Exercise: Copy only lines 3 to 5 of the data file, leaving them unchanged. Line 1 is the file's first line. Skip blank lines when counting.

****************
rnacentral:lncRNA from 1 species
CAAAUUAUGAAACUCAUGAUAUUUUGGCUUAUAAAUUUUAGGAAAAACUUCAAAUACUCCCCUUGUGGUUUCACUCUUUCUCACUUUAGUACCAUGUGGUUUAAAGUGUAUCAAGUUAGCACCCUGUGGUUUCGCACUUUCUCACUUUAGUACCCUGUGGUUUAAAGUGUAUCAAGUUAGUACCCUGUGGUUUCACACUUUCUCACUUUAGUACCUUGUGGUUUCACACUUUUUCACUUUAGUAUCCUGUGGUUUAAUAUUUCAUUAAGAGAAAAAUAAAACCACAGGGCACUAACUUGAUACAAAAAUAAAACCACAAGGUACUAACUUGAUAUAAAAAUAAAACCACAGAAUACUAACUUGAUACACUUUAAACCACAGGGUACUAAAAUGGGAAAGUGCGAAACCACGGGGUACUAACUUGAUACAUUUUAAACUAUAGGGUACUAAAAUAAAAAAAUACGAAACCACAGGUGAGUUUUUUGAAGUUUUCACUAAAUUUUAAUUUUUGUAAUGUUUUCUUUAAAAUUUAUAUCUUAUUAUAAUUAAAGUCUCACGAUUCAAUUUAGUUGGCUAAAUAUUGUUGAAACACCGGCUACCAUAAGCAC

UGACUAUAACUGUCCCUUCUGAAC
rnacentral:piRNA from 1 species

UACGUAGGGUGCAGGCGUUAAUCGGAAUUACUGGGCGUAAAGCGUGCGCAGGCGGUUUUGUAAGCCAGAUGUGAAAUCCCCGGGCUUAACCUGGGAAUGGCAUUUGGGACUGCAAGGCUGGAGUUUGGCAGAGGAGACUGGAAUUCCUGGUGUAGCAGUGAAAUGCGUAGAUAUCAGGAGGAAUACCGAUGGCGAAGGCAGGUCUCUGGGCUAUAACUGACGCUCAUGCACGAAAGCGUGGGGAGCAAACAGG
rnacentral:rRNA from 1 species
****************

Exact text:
UGACUAUAACUGUCCCUUCUGAAC
rnacentral:piRNA from 1 species

UACGUAGGGUGCAGGCGUUAAUCGGAAUUACUGGGCGUAAAGCGUGCGCAGGCGGUUUUGUAAGCCAGAUGUGAAAUCCCCGGGCUUAACCUGGGAAUGGCAUUUGGGACUGCAAGGCUGGAGUUUGGCAGAGGAGACUGGAAUUCCUGGUGUAGCAGUGAAAUGCGUAGAUAUCAGGAGGAAUACCGAUGGCGAAGGCAGGUCUCUGGGCUAUAACUGACGCUCAUGCACGAAAGCGUGGGGAGCAAACAGG